Human Intestinal Microbiota in Obesity and Nutritional Transition (Micro-Obes)
The objectives of this study are: 1-To qualify the relationship between the gut microbiota and the host nutritional and metabolic status during dietary transition.2-To define the impact of nutritional transition on the intestinal microbiota and identify metagenomics signatures of nutritional transition.
|Study Design:||Allocation: Non-Randomized
Intervention Model: Single Group Assignment
Primary Purpose: Health Services Research
|Official Title:||Human Intestinal Microbiota in Obesity and Nutritional Transition|
- weight loss [ Designated as safety issue: No ]
- intestinal microbiota genes [ Designated as safety issue: No ]identify new intestinal microbiota at basal levels and follow their evolution during the dietary program by using a sequence based method (SOLiD™ System: a massively sequencing platform).
- Body fat massusing dual-energy X-ray absorptiometry performed with a total body scanner (Hologic QDR 2500 densitometer)
- Food intakeusing 7 day dietary records at each time point
- plasma glucose
- adipose tissue genes [ Designated as safety issue: No ]Microarray
|Study Start Date:||September 2008|
|Study Completion Date:||March 2011|
|Primary Completion Date:||September 2009 (Final data collection date for primary outcome measure)|
Other: Caloric transition
French overweight (BMI > 27) and obese people (BMI > 30 kg/m2, N=50) will be submitted to a low calorie diet (1200 Kcal) for 8 weeks. This type of intervention is know to modify the metabolic phenotype and expected to change the gut microbiota. Nutritional interventions are planned for 6 months, each subject being studied before (base line), after the intervention (8 weeks) and 2 months after the low calorie diet has stopped and a diet of weight maintenance will be provided. This protocol will be implemented in the nutrition department of the Pitié Salpétrière Hospital in Paris, within the Centre de Recherche en Nutrition Humaine d'Ile-de-France, where patients will be followed on the clinical, biological and histological levels. Evaluation will include medical history, physical, and nutritional evaluations. They will be excluded of the protocol if they had evidence of acute or chronic inflammatory disease, infectious diseases, cancer and/or known alcohol consumption (> 20g per day), as well as other causes of liver, kidney or heart diseases. Physical evaluation will include weight, height, measures of waist/hip ratio, measure of blood pressure. At each time point, body composition will be measured by dual-energy X-ray absorptiometry performed with a total body scanner (Hologic QDR 2500 densitometer). Resting metabolic rate will be evaluated after a one-hour resting period in supine position. Oxygen consumption (VO2) and carbon dioxide production (VCO2), monitored over 30 min by using an open-circuit ventilated-canopy system (Deltatrac II monitor, Datex Instrumentarium Corp., Helsinki, Finland) calibrated with a reference gas. Blood samples will be obtained systematically for biological parameters including lipids (cholesterol, HDL-Chol, TG), insulin and glucose values and OGTT (enabling the determination of insulin sensitivity parameters, adipokines and inflammatory parameters such as leptin, adiponectin, IL-6, TNF alpha, SAA, hsCRP. Serum will be kept for all supplementary measures. The histopathological evaluation of subcutaneous adipose tissue will be performed to evaluate the adipocyte size and the degree of tissue inflammation. Stools samples will be collected for metagenomic studies.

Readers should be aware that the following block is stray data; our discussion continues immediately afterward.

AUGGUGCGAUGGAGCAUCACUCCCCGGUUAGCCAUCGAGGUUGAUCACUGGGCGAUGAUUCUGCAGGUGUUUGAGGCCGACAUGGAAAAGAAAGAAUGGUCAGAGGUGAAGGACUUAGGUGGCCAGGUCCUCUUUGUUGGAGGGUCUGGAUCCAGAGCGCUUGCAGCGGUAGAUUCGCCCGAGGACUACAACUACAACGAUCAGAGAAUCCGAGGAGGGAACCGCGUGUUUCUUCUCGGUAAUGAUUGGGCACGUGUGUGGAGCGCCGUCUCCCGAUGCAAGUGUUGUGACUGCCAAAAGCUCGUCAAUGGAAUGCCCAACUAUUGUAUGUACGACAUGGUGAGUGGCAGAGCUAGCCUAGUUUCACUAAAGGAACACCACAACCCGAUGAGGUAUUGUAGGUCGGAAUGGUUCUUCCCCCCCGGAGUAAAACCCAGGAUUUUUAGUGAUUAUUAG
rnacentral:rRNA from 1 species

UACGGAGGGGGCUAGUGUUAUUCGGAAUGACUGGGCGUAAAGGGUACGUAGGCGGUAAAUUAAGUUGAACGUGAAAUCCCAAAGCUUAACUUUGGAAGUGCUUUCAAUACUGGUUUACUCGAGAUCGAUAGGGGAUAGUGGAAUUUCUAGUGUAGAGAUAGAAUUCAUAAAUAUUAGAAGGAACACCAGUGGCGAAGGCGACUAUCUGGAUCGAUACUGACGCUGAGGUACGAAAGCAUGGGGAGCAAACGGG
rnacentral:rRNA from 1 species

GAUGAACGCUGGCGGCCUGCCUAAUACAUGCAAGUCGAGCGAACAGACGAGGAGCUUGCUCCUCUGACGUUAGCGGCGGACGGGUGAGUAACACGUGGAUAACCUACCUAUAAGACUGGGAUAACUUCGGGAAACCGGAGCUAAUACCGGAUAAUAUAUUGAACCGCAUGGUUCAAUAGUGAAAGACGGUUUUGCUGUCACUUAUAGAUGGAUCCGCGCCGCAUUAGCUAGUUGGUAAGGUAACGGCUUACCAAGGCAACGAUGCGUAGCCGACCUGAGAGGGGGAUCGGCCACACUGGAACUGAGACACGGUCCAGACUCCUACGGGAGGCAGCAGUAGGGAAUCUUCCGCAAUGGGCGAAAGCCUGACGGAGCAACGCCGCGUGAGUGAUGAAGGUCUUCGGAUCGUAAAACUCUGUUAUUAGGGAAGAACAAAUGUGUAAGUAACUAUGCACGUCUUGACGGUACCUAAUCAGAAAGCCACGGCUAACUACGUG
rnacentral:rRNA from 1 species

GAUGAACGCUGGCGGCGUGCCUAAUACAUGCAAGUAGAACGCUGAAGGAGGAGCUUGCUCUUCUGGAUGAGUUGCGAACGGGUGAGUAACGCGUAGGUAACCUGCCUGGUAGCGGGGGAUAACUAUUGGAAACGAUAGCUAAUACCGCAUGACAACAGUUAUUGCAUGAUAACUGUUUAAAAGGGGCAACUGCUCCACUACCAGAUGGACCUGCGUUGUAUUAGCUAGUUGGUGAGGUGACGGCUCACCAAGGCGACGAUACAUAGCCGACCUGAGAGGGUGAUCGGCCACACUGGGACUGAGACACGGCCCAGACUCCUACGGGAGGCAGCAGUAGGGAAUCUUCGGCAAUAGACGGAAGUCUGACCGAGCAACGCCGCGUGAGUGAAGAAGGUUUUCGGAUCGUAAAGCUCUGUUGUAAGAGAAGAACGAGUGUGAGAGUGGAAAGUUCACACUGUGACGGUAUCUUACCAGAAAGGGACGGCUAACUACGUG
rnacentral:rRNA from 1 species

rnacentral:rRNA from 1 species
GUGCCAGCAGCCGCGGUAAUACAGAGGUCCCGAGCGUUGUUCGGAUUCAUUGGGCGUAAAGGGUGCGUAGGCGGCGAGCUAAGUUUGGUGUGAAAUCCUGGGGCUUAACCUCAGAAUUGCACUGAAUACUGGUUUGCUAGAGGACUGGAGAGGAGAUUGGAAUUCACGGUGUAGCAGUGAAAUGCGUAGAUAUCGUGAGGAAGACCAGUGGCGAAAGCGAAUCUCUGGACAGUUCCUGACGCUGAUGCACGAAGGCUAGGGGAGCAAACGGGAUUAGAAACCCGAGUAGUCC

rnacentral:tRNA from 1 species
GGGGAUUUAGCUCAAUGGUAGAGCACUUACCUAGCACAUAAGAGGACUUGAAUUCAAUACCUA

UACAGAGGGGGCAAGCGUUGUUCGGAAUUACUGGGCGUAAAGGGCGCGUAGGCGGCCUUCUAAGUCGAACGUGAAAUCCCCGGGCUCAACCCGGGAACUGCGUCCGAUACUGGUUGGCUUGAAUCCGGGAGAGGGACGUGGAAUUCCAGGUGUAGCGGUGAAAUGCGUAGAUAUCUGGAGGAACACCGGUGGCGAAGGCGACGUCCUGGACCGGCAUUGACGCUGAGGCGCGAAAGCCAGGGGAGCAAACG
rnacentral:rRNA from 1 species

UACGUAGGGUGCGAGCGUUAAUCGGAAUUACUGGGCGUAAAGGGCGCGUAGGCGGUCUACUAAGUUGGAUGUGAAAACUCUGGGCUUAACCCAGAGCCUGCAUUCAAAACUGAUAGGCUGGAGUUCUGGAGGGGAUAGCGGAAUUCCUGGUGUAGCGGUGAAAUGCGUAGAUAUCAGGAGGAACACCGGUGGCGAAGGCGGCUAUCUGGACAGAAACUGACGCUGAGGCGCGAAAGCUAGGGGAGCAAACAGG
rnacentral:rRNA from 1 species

In addition, blood, urine and fecal water samples will be collected and frozen for subsequent metabonomic analysis, and fecal samples for metaproteomic assessment of the microbiota.
|Assistance publique-hopitaux de Paris|
|Principal Investigator:||Karine Clement, MD, PhD, Prof||Assistance Publique - Hôpitaux de Paris|